The correspondence consist of: a batch of letters to a variety of correspondents, 1840s.
Letters of Professor Adam Sedgwick (1785-1873)
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- ReferenceGB 237 Coll-485
- Dates of Creation1843-1861
- Name of Creator
- Language of MaterialEnglish.
- Physical Description5 letters Access to records in a fragile condition may be restricted.
Scope and Content
Administrative / Biographical History
The geologist Adam Sedgwick was born on 22 March 1785 in Dent, Yorkshire. He was educated locally in Dent then at Sedburgh, before studying at Trinity College, Cambridge. In 1808 he was awarded a degree in Mathematics with distinction, and in 1810 he was elected a Fellow of Trinity College. In 1817, Sedgwick was ordained, and in 1818 he was elected as the Woodwardian Professor of Geology, University of Cambridge. The same year he became a Fellow of the Geological Society of London. Sedgwick's lectures on Geology proved extremely popular despite being optional and this had a large impact on the shaping of English educated opinion on Geology. He expanded a geological collection at the University and made it into one of the finest museums in the world. The present museum was erected as a memorial to him. Sedgwick was an excellent field geologist and he worked with Roderick Impey Murchison on the Eastern Alps and believed that Lyell's principles of uniformity should be tested by empirical observation and not assumed a priori. His most important geological work led to the foundation of the Cambrian system. This arose out of a desire to penetrate the fossil record back to its farthest limits. Between 1829 and 1831 he was President of the Geological Society of London. Professor Adam Sedgwick died on 27 January 1873.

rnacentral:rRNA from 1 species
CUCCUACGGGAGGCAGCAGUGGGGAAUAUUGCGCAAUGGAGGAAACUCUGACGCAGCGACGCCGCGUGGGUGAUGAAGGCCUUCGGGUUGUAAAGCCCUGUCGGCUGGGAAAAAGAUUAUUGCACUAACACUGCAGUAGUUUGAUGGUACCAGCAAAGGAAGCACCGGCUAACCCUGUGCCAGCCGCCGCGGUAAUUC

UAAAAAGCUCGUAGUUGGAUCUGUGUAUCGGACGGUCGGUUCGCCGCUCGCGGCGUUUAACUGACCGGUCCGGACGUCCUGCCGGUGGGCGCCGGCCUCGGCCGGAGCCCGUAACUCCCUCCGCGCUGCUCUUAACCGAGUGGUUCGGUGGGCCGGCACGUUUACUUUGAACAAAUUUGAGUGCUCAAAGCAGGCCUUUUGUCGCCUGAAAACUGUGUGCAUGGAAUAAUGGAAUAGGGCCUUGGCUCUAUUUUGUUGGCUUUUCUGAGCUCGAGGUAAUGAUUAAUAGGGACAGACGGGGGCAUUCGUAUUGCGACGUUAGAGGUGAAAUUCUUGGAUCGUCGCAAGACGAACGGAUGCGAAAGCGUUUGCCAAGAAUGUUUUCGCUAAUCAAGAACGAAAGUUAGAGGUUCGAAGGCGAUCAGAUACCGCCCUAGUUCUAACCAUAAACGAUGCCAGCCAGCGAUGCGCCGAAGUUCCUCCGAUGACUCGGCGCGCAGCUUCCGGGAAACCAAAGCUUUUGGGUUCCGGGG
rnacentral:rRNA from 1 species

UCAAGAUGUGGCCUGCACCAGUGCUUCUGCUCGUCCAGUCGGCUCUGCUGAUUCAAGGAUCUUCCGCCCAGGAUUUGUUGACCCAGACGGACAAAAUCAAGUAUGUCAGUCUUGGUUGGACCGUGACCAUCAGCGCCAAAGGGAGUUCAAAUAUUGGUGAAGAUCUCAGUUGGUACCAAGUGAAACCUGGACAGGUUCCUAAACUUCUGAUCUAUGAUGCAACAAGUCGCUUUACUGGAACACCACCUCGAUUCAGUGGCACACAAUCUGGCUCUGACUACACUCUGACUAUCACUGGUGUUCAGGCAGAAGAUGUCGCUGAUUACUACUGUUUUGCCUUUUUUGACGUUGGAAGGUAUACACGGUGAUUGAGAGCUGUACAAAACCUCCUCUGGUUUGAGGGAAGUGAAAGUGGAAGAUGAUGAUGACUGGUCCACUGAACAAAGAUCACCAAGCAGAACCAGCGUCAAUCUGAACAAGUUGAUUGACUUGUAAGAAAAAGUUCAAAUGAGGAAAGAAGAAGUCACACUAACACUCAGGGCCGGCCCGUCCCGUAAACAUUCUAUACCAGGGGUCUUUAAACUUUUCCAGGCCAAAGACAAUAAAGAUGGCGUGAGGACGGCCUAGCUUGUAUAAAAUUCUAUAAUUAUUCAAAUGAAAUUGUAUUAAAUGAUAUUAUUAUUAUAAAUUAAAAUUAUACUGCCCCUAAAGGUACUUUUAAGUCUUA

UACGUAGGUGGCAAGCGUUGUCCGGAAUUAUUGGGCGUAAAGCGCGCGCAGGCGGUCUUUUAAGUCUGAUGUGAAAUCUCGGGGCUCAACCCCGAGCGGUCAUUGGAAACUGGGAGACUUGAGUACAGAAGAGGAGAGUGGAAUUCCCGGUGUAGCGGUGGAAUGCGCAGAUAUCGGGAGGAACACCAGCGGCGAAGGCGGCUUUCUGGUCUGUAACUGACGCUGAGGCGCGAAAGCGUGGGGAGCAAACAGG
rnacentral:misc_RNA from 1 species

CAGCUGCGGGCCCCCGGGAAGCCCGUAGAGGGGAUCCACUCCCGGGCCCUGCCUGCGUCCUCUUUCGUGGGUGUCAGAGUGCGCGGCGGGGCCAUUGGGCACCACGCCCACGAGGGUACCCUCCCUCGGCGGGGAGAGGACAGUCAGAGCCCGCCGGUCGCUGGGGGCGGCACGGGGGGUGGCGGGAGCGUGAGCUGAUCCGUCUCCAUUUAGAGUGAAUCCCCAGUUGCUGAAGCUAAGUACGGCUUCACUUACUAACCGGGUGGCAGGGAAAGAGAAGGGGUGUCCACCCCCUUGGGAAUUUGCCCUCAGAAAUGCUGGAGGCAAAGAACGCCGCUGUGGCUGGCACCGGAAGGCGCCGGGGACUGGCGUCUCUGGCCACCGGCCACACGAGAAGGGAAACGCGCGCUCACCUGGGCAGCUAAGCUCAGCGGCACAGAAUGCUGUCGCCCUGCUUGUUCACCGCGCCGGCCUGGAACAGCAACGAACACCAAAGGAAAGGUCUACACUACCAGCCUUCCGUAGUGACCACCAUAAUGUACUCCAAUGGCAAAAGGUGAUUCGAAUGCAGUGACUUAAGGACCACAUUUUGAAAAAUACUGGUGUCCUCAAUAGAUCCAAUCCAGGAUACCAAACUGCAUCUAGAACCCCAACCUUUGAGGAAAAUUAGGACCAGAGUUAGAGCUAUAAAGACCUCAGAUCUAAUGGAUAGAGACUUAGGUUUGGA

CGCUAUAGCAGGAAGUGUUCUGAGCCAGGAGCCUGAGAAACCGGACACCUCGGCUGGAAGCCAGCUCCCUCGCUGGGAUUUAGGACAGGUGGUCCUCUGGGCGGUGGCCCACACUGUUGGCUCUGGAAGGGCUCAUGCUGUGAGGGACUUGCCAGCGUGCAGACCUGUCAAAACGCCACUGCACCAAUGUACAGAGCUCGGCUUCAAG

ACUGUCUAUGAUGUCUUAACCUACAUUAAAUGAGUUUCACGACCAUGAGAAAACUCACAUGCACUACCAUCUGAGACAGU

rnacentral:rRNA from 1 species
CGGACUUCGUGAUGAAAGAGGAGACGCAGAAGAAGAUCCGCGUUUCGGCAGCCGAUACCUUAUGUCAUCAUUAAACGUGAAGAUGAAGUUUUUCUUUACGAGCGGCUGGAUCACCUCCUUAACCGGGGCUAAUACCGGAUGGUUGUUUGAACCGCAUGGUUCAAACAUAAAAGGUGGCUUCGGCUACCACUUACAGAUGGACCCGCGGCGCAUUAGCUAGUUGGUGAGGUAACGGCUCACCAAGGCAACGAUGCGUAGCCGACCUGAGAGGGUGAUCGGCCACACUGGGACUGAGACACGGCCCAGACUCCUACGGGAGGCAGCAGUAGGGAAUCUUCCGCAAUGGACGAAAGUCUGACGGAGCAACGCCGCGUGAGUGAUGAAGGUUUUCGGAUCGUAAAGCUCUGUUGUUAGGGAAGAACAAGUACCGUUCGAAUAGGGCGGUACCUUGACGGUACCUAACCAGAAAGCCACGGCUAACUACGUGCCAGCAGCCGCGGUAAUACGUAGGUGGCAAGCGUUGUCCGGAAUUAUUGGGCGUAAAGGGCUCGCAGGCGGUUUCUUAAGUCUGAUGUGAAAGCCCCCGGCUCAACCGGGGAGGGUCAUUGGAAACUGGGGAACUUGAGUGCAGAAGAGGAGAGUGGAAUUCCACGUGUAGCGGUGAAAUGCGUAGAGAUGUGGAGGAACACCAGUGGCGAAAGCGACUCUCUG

Generally open for consultation to bona fide researchers, but please contact repository for details in advance.
The biographical/administrative history was compiled using the following material: (1) Lee, Sidney (ed.). Dictionary of national biography. Vol.17. Robinson-Sheares. London: Smith, Elder and Co., 1909.
Compiled by Graeme D Eddie, Edinburgh University Library, Special Collections Division.
Other Finding Aids
Important finding aids generally are: the alphabetical Index to Manuscripts held at Edinburgh University Library, Special Collections and Archives, consisting of typed slips in sheaf binders and to which additions were made until 1987; and the Index to Accessions Since 1987.
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